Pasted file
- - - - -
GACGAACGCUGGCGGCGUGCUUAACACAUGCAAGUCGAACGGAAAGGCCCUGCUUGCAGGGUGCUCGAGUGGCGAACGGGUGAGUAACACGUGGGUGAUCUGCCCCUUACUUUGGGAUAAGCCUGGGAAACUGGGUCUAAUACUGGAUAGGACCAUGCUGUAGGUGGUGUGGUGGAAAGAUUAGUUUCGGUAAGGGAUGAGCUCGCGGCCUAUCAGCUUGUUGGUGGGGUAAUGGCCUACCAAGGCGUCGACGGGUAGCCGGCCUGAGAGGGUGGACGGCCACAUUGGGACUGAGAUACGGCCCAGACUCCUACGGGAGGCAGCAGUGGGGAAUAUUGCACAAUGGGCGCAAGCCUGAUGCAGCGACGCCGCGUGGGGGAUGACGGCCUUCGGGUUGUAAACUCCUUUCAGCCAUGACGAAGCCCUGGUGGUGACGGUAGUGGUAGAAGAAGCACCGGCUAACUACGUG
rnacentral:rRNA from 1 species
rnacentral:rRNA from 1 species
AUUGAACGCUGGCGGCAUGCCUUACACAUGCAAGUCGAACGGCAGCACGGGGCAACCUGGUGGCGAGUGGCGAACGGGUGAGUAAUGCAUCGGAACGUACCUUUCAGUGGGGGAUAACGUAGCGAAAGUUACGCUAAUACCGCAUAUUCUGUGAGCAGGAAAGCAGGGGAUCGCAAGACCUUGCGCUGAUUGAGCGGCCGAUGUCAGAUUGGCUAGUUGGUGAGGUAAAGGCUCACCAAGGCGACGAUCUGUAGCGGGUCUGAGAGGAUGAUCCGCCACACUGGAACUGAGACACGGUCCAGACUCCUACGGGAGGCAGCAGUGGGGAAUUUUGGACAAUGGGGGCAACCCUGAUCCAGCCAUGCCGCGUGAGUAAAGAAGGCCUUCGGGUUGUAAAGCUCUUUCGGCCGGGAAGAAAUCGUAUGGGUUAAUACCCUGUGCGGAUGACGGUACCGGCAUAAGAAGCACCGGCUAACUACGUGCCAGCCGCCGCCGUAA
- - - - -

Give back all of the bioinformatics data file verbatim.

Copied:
GACGAACGCUGGCGGCGUGCUUAACACAUGCAAGUCGAACGGAAAGGCCCUGCUUGCAGGGUGCUCGAGUGGCGAACGGGUGAGUAACACGUGGGUGAUCUGCCCCUUACUUUGGGAUAAGCCUGGGAAACUGGGUCUAAUACUGGAUAGGACCAUGCUGUAGGUGGUGUGGUGGAAAGAUUAGUUUCGGUAAGGGAUGAGCUCGCGGCCUAUCAGCUUGUUGGUGGGGUAAUGGCCUACCAAGGCGUCGACGGGUAGCCGGCCUGAGAGGGUGGACGGCCACAUUGGGACUGAGAUACGGCCCAGACUCCUACGGGAGGCAGCAGUGGGGAAUAUUGCACAAUGGGCGCAAGCCUGAUGCAGCGACGCCGCGUGGGGGAUGACGGCCUUCGGGUUGUAAACUCCUUUCAGCCAUGACGAAGCCCUGGUGGUGACGGUAGUGGUAGAAGAAGCACCGGCUAACUACGUG
rnacentral:rRNA from 1 species
rnacentral:rRNA from 1 species
AUUGAACGCUGGCGGCAUGCCUUACACAUGCAAGUCGAACGGCAGCACGGGGCAACCUGGUGGCGAGUGGCGAACGGGUGAGUAAUGCAUCGGAACGUACCUUUCAGUGGGGGAUAACGUAGCGAAAGUUACGCUAAUACCGCAUAUUCUGUGAGCAGGAAAGCAGGGGAUCGCAAGACCUUGCGCUGAUUGAGCGGCCGAUGUCAGAUUGGCUAGUUGGUGAGGUAAAGGCUCACCAAGGCGACGAUCUGUAGCGGGUCUGAGAGGAUGAUCCGCCACACUGGAACUGAGACACGGUCCAGACUCCUACGGGAGGCAGCAGUGGGGAAUUUUGGACAAUGGGGGCAACCCUGAUCCAGCCAUGCCGCGUGAGUAAAGAAGGCCUUCGGGUUGUAAAGCUCUUUCGGCCGGGAAGAAAUCGUAUGGGUUAAUACCCUGUGCGGAUGACGGUACCGGCAUAAGAAGCACCGGCUAACUACGUGCCAGCCGCCGCCGUAA